Case Reports in Infectious Diseases

Case Reports in Infectious Diseases / 2012 / Article

Case Report | Open Access

Volume 2012 |Article ID 839458 |

Edgardo M. Flores Anticona, Hadeel Zainah, Daniel R. Ouellette, Laura E. Johnson, "Two Case Reports of Neuroinvasive West Nile Virus Infection in the Critical Care Unit", Case Reports in Infectious Diseases, vol. 2012, Article ID 839458, 4 pages, 2012.

Two Case Reports of Neuroinvasive West Nile Virus Infection in the Critical Care Unit

Academic Editor: S. Talhari
Received01 Jun 2012
Accepted31 Jul 2012
Published27 Aug 2012


We describe the clinical course of two cases of neuroinvasive West Nile Virus (WNV) infection in the critical care unit. The first case is a 70-year-old man who presented during summer with mental status changes. Cerebrospinal fluid (CSF) analysis revealed pleocytosis with lymphocyte predominance. WNV serology was positive in the CSF. His condition worsened with development of left-sided weakness and deterioration of mental status requiring intensive care. The patient gradually improved and was discharged with residual left-sided weakness and near-complete improvement in his mental status. The second case is an 81-year-old man who presented with mental status changes, fever, lower extremity weakness, and difficulty in walking. CSF analysis showed pleocytosis with neutrophil predominance. WNV serology was also positive in CSF. During the hospital stay his mentation worsened, eventually requiring intubation for airway protection and critical care support. The patient gradually improved and was discharged with residual upper and lower extremity paresis. Neuroinvasive WNV infection can lead to significant morbidity, especially in the elderly. These cases should be suspected in patients with antecedent outdoor activities during summer. It is important for critical care providers to be aware of and maintain a high clinical suspicion of this disease process.

1. Introduction

West Nile Virus (WNV) could be of significant morbidity and mortality; high clinical suspicion should be present to diagnose this disease. Neuroinvasive WNV might be severe enough to require critical care. In this paper, we describe two cases of neuroinvasive WNV.

2. Virology

WNV is an RNA arbovirus, a member of the Flaviviridae family. The Flavivirus genus also includes other human pathogens such as dengue, yellow fever, and Japanese encephalitis viruses.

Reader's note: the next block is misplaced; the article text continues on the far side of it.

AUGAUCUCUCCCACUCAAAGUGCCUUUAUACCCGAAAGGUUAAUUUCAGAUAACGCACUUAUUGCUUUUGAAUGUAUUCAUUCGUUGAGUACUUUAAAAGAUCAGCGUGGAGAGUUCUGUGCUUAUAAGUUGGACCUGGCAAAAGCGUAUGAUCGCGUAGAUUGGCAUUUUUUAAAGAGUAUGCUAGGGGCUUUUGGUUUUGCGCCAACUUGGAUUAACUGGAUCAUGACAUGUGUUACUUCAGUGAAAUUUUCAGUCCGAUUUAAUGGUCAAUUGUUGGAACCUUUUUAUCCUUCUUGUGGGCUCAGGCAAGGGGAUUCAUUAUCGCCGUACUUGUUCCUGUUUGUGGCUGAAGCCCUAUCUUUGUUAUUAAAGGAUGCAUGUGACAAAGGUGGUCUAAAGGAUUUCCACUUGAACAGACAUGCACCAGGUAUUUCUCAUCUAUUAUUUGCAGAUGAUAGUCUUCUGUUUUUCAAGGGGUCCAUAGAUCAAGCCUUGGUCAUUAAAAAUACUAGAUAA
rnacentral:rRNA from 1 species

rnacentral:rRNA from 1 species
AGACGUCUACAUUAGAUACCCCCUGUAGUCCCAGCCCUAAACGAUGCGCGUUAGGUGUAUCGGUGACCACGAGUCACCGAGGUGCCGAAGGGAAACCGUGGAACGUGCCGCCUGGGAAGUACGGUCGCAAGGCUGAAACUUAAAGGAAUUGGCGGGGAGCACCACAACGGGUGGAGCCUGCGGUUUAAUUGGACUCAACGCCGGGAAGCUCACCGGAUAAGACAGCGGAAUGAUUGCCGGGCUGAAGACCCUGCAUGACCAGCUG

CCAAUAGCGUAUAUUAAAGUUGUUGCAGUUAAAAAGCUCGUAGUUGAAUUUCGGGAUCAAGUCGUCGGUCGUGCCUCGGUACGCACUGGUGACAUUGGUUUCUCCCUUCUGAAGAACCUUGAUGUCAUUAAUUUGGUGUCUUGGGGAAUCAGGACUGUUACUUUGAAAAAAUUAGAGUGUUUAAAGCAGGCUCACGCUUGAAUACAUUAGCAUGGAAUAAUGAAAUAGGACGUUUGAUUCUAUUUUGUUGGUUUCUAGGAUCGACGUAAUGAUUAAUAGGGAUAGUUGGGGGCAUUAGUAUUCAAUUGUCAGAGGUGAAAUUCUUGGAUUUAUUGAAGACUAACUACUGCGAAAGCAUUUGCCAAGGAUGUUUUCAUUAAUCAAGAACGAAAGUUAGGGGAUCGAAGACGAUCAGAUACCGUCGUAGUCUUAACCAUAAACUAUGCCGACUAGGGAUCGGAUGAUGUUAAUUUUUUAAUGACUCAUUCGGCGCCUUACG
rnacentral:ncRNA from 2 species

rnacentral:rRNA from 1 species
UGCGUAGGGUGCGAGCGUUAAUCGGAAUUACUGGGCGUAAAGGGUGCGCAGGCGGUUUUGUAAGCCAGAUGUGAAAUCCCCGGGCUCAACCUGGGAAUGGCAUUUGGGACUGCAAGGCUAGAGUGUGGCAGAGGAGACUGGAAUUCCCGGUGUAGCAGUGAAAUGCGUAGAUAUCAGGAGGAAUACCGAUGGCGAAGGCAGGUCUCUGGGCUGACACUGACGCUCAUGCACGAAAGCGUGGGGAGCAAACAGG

West Nile virions are spherical and enveloped with a diameter of 50 nm and icosahedral symmetry. The genome consists of ribonucleic acid [1]. Phylogenic studies based on sequences of the WNV genome identified 5 lineages of WNV. The virus that entered North America belongs to lineage I, this lineage is also found in Europe and Africa and the Middle East. Lineage II is mainly of African origin. The relevance of this is that, in general, lineage I (except for the Australian strain, clade Ib) can cause severe neurological disease, whereas lineage II and lineage I (clade Ib) are associated with mild, self-limited disease [2, 3].

3. Transmission

The transmission of the disease in humans occurs most commonly from a bite of an infected mosquito. The natural cycle of WNV is maintained in nature by many species of mosquitoes and birds. Crows, magpies, jays, house sparrows, house finches, and grackles are effective reservoirs for infected mosquitoes. Among mosquitoes, Culex species plays the most important role in natural transmission [3]. Humans and other mammals, especially horses, are incidental hosts and do not play a role in the transmission cycle since they do not develop sufficiently prolonged or high-level viremia [3, 4]. Human infection occurs predominately through infected mosquitoes that acquired the virus from infected hosts, primarily birds. Person-to-person transmission is not common but can result from blood transfusion, organ transplantation, intrauterine or breastfeeding exposure [5]. In the second case, there was an antecedent event of outdoor activities, specifically hiking 2 weeks prior to presentation. In both cases, the exposure was in the summer, which is consistent with the seasonal outbreaks of WNV infection.

4. Clinical Manifestations

The incubation period of WNV is 2–15 days. More than 80% of the people infected with WNV will not develop any symptoms. Approximately 20% will develop a self-limited flu-like illness called West Nile fever. West Nile fever is characterized by fever, myalgias, headaches, gastrointestinal disturbances, and a maculopapular rash that is present in one-third to one-half of cases. There is no nervous system involvement in West Nile fever [6].

Less than 1% of infected persons develop neurological disease. Neuroinvasive disease occurs when the virus penetrates the blood-brain barrier and invades certain groups of neurons, particularly in the brainstem, deep nuclei, and anterior horn of the spinal cord [7]. The clinical presentation of the neuroinvasive disease varies and includes encephalitis, aseptic meningitis, and poliomyelitis-like syndrome [8]. For patients with neuroinvasive disease, 35–40% have meningitis, 55–60% have encephalitis, and only 5–10% have poliomyelitis; presentation depends on the area or season. Overlap syndromes can also occur [7].